When the reporter acts on her own initiative, she receives a stern rebuke from Starfleet’s press liaison. “We have no record of a request from you to publish the story you released over your service,” Commander Dennison states, matter-of-factly. It seems like the Federation treats freedom of the press as a theoretical rather than a practical concern – that the administration doesn’t mind reporters, so long as the reporters merely parrot what they are told. It is a very clever way of problematicising the Federation, one at least a decade ahead of the television franchise.

She's got her antennae to the ground...

She’s got her antennae to the ground…

Barr and Sutton also cleverly use their knowledge of continuity in other ways. The most interesting aspects of continuity in The Mirror Universe Saga are those aspects of character continuity carried over from the events of The Search for Spock. Barr doesn’t have the luxury of knowing how Star Trek IV: The Voyage Home will play out, so he boldly goes in his own damn direction. He doesn’t stall or procrastinate. He launches directly into what he would expect from a follow-up to The Search for Spock.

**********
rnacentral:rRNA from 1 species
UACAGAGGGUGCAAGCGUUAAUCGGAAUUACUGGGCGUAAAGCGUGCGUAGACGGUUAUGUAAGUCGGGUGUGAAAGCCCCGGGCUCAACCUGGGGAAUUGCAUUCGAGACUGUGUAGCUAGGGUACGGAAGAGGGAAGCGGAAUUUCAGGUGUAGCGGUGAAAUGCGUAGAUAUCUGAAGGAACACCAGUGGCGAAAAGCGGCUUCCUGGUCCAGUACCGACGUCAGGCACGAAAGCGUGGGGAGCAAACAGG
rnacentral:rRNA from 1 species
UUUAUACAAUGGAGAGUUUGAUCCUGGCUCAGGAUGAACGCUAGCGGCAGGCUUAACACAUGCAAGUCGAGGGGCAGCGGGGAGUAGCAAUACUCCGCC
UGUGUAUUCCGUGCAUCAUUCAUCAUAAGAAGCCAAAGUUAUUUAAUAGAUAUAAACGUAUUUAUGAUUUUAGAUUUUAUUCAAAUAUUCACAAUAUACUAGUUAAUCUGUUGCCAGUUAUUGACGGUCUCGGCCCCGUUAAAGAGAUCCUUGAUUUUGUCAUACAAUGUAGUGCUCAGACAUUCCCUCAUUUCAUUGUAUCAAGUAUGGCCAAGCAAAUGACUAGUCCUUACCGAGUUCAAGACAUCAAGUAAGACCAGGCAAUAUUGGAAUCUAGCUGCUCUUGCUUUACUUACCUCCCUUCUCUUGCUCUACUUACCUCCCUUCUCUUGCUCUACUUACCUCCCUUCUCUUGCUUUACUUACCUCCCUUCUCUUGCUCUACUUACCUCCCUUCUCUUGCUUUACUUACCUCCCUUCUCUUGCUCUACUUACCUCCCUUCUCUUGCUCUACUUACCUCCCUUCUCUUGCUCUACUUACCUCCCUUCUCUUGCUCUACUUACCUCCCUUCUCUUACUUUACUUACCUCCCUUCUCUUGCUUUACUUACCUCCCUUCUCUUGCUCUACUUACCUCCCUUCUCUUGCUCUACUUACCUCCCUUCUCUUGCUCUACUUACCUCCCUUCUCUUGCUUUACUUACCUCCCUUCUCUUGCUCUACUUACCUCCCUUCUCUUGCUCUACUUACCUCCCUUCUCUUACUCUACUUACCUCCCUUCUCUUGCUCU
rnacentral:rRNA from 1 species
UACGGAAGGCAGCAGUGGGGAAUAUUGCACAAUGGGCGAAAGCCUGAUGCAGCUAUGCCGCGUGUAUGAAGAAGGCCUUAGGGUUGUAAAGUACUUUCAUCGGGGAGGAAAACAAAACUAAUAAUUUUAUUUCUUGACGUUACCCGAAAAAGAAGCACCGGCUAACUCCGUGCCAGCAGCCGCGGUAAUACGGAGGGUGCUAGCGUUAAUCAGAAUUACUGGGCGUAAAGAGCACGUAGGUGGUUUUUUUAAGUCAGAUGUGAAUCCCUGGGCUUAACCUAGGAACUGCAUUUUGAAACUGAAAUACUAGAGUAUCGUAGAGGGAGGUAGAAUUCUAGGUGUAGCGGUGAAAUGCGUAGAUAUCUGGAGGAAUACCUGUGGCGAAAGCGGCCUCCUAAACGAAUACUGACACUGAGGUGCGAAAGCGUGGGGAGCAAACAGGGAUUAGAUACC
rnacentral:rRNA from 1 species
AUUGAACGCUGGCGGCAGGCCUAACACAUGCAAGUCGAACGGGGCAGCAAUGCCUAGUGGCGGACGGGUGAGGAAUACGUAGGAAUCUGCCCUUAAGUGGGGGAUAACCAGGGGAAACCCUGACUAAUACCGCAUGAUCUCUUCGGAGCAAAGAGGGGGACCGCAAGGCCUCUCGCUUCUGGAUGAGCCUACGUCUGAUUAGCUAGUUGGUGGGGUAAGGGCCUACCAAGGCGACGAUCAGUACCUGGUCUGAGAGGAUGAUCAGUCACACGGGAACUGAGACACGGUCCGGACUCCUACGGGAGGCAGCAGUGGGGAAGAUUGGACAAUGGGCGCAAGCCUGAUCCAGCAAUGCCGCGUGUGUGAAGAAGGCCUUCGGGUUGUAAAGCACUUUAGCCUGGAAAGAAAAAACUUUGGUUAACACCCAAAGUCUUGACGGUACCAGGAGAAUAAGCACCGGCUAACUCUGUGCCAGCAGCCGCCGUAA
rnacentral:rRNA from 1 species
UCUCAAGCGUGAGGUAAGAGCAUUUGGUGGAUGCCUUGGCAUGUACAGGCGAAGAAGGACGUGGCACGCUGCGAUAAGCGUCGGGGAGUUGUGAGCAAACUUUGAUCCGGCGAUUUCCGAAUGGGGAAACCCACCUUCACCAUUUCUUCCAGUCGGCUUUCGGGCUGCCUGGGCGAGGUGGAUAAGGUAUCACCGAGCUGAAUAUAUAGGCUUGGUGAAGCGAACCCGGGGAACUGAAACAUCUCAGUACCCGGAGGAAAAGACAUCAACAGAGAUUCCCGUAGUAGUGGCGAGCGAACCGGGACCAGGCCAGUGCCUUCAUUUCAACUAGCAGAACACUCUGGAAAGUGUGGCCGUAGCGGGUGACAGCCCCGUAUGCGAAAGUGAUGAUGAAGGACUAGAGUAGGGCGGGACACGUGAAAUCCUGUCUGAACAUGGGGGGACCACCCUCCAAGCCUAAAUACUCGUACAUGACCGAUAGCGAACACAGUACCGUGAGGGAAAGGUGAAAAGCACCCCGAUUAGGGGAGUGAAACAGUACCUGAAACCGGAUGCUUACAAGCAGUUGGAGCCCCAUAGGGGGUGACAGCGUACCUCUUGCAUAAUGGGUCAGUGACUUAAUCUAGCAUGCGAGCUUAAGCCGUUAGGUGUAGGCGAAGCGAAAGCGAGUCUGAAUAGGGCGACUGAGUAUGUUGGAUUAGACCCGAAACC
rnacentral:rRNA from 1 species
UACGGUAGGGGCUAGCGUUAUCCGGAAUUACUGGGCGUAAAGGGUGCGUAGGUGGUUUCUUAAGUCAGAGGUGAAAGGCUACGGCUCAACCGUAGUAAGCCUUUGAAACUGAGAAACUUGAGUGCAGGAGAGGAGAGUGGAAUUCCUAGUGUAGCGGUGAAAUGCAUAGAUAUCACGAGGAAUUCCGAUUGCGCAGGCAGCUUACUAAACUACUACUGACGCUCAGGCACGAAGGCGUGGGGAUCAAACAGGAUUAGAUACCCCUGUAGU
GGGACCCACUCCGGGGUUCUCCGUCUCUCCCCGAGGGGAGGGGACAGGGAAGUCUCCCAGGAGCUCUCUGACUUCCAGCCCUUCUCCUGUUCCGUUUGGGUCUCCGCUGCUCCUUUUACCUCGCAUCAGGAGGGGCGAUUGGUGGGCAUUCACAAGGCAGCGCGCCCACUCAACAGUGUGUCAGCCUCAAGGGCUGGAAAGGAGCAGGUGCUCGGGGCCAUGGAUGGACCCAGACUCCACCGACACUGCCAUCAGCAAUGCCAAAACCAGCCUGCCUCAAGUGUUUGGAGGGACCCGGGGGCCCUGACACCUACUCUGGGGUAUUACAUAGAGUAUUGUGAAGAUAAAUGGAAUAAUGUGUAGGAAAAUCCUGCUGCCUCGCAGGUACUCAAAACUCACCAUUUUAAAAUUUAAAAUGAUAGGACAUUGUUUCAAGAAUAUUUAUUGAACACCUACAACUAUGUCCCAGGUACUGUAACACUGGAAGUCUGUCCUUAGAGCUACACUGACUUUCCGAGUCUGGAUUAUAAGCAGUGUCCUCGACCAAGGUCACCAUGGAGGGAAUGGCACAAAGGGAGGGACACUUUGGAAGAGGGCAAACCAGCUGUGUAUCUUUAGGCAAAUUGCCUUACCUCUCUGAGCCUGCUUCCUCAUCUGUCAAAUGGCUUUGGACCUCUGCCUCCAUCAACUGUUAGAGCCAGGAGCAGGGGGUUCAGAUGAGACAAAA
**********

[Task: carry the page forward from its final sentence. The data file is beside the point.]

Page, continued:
In fact, the story seems to pick up almost immediately where the film left off, opening on a splash page of a recovering Spock. The addled half-Vulcan remarks, “Jim. His name is Jim.” Meanwhile, the crew struggle to put their lives back in order. “My friends,” Kirk announces to his crew, in a scene that is mirrored in The Voyage Home, “I have a task to perform. Your company would be appreciated, but is not ordered.” Of course, in The Voyage Home, Kirk is returning to Earth to face the political fallout from his actions; here, he faces more personal consequences.

An empire marches to war...

An empire marches to war…